Fri. Jul 19th, 2024

[Review] Inksplosion – Nintendo Switch

Nintendo Switch

Developed By: Petite Games
Published By: Ratalaika Games
Category: Action, Arcade
Release Date: 4.18.18

Sometimes you want that good shoot ‘em up feeling with that Splatoon-y inky aftertaste. But what do you do when you don’t have the time to wait for it to load up and get through matchmaking? Inksplosion for the Nintendo Switch has got you covered. It’s a twinstick arena shooter that you can pick up and be playing in ten seconds.

Inksplosion Nintendo Switch


Inksplosion is a very simple, fast-based game. You use the left stick to move and the right stick to aim. The right trigger fires, and in a cool twist, the left trigger slows down time. It’s useful for getting out of the way of oncoming fire or for slowing down the obstacles that move around the arena in some game modes. Slowing time also consumes health, so you can’t just hold the trigger and play the game at quarter speed whenever you want. It really only makes sense to use the time slowing ability when your back is really against the wall, as enemy fire or running into the obstacles takes a big chunk of your health bar with it.

Inksplosion Nintendo Switch


There are 5 different weapons which you are randomly assigned at the beginning of each level; you can’t choose your gun, which is kind of a pain. It’s only really a problem when you get the rocket gun. Firing a rocket isn’t as quick as firing anything else; after you fire there’s a little delay between when you pull the trigger and when it actually moves forward. Against enemies that move around it’s a real pain, but luckily like half the enemies don’t really move that much. The normal gun just fires bullets forward and has a range of almost the whole screen, but not quite. The distance gun is like the normal gun, but without the limited range. The laser gun fires a beam in a straight line; it’s useful because you can hit multiple enemies if they’re in a line. Finally, the shotgun fires 3 bullets in a cone but has an extremely limited range.

Inksplosion Nintendo Switch

Three Different Game Modes

When you start the game, there is only one mode open; Classic. Each level of Classic mode sees the arena spawn four random enemies and has some configuration of dotted white lines that damage you if you run into them. They can’t be destroyed, which would have been nice. One configuration where the line sweeps you into the corner is a bit of a pain if you have the shotgun, but only if there’s an enemy in the far corner. The shotgun doesn’t have the range to get to it, so it’s a little cheesy that you have to take the hit on the obstacle to get that last enemy, but it’s a very rare occurrence.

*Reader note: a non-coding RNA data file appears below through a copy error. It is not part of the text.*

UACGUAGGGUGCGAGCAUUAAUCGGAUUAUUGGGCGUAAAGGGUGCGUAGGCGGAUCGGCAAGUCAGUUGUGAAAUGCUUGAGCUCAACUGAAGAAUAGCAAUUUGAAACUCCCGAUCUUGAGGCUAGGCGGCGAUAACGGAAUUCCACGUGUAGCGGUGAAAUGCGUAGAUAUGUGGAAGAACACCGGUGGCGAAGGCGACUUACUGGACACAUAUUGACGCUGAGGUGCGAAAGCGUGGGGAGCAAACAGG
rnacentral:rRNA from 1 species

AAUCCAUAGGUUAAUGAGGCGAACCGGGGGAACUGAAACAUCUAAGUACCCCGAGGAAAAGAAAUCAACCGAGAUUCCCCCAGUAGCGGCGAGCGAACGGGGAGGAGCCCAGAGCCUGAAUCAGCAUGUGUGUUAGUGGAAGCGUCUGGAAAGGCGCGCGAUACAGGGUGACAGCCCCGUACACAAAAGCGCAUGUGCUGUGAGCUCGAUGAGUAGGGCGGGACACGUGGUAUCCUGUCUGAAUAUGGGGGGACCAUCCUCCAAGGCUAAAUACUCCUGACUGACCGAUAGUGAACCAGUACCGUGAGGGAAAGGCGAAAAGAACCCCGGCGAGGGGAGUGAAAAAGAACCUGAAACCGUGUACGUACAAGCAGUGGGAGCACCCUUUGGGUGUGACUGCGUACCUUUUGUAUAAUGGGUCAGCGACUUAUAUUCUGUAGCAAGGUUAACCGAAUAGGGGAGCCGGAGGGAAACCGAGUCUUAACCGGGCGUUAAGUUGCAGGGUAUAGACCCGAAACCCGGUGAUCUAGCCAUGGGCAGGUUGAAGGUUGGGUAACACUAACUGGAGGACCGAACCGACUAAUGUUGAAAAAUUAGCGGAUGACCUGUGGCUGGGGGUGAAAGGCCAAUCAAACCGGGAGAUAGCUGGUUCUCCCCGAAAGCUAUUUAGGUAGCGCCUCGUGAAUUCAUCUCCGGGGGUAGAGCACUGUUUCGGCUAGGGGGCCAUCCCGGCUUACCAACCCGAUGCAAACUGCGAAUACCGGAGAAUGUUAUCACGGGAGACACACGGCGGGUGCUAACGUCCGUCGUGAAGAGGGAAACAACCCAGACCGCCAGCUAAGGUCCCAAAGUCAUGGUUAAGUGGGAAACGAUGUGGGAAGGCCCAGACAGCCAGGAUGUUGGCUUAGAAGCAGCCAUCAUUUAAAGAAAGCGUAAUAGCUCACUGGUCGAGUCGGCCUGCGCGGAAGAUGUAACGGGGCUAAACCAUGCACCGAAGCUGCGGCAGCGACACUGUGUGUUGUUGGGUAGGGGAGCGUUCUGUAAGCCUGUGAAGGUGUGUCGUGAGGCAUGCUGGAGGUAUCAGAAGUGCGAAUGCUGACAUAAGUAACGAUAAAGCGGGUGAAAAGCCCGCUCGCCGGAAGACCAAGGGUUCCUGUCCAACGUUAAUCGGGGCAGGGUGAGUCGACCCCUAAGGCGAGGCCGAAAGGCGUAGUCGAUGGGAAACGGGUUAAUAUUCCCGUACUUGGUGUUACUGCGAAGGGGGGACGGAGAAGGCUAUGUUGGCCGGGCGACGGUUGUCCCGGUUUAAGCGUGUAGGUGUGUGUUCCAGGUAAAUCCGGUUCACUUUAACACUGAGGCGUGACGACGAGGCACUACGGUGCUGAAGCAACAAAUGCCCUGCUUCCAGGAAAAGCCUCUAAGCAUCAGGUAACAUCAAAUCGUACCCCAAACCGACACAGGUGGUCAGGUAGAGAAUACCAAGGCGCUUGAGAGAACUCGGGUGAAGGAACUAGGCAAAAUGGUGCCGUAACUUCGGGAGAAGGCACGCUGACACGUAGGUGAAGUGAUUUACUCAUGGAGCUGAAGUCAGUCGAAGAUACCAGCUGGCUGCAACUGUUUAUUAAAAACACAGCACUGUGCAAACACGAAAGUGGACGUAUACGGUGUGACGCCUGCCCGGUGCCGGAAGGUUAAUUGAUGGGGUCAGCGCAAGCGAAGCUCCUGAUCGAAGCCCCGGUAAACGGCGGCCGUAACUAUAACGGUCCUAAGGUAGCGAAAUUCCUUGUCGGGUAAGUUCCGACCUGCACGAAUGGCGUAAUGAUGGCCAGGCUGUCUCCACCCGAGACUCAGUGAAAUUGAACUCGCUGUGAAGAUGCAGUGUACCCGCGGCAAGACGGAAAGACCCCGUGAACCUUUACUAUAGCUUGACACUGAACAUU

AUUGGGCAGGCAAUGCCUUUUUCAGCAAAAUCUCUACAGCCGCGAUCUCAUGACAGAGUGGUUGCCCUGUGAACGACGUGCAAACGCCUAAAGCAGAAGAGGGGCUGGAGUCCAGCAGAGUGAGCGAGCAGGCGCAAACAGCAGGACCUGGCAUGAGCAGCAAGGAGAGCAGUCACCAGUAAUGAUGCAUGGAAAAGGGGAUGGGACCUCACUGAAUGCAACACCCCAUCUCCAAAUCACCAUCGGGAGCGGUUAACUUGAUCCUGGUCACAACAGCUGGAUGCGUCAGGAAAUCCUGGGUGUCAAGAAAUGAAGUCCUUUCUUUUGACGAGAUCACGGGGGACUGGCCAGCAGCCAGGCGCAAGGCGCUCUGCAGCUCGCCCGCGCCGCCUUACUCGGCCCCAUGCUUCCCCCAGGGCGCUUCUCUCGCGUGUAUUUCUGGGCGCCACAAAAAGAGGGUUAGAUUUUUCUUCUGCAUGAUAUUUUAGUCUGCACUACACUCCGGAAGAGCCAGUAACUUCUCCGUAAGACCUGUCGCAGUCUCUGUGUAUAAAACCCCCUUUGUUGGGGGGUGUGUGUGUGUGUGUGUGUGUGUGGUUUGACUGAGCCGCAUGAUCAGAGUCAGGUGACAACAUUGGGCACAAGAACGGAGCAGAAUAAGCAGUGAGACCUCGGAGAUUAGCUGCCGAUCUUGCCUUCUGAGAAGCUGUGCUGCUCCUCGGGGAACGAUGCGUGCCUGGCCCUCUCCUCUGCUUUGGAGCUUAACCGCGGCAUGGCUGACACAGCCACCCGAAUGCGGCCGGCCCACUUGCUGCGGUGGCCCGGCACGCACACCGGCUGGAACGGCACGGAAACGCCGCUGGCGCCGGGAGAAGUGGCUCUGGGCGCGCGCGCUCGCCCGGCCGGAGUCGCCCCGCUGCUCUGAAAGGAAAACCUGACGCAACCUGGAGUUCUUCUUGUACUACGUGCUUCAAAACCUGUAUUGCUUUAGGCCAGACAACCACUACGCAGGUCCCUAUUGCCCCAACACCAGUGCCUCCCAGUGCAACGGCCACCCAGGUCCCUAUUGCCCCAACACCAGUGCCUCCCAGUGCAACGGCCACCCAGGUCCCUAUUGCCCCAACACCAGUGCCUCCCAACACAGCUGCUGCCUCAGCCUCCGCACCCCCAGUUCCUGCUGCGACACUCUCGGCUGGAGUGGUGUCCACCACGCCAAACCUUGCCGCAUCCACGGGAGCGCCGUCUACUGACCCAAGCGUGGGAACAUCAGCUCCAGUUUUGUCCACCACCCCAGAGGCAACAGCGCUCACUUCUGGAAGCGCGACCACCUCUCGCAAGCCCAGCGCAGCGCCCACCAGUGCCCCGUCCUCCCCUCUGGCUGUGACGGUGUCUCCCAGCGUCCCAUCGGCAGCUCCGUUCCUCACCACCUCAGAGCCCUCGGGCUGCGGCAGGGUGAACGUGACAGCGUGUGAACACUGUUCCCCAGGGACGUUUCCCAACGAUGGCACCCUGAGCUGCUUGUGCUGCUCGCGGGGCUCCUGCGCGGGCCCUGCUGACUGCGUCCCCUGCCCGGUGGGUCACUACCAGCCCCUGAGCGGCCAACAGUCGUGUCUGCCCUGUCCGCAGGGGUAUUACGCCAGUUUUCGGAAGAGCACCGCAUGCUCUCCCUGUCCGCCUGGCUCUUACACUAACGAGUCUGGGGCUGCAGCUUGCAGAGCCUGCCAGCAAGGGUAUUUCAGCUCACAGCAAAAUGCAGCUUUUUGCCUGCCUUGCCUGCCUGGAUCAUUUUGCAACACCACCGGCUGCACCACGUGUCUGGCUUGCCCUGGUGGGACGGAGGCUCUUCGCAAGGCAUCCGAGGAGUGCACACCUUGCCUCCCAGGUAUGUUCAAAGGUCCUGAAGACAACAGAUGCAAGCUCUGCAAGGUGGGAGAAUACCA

After you manage to score 100,000 points in a single game of Classic mode, Arena mode unlocks. Arena is a wave-based mode instead of level-based like Classic. In Arena, the board never resets after you defeat all four enemies that spawn and there are no obstacles. Enemies just keep spawning four at a time until you die. Finally, after you score 100,000 points in Arena, you unlock Hard Mode. It is a nightmare. It’s basically the same as Classic mode with a few small tweaks. Enemies are much harder to kill and much more active. It doesn’t seem like much of a reward, but I guess if you like to test your skills, go for it.

Inksplosion Nintendo Switch


The game is colorful, bright, and sharp. Firing bullets leaves a trail of ink and when they hit an enemy they explode in a burst of ink as well. When enemies die, they have an even bigger inksplosion (Ooooh, I get it now). Your character icon, bullets, and enemies are all white, pixelly icons. They’re kind of simplistic looking, and them all being the same color sometimes caused me to lose track of which one I was. It wasn’t often, but sometimes I lost my targeting icon among the ink and incoming fire as well. The music is frantic and pretty fast-paced, so it fits the game well, but I didn’t find it to be especially memorable.

Inksplosion Nintendo Switch


Inksplosion doesn’t have any touch or motion controls, so you can play it either docked or undocked. I preferred to play it undocked, as I had an easier time keeping track of everything going on with the smaller screen. I did prefer the feel of the Pro controller over the Joycons, whether attached or detached, as I felt it was more responsive. It didn’t really make much difference, honestly, it’s just a matter of comfort.

TL;DR: Fun, fast, no frills arena shooter.

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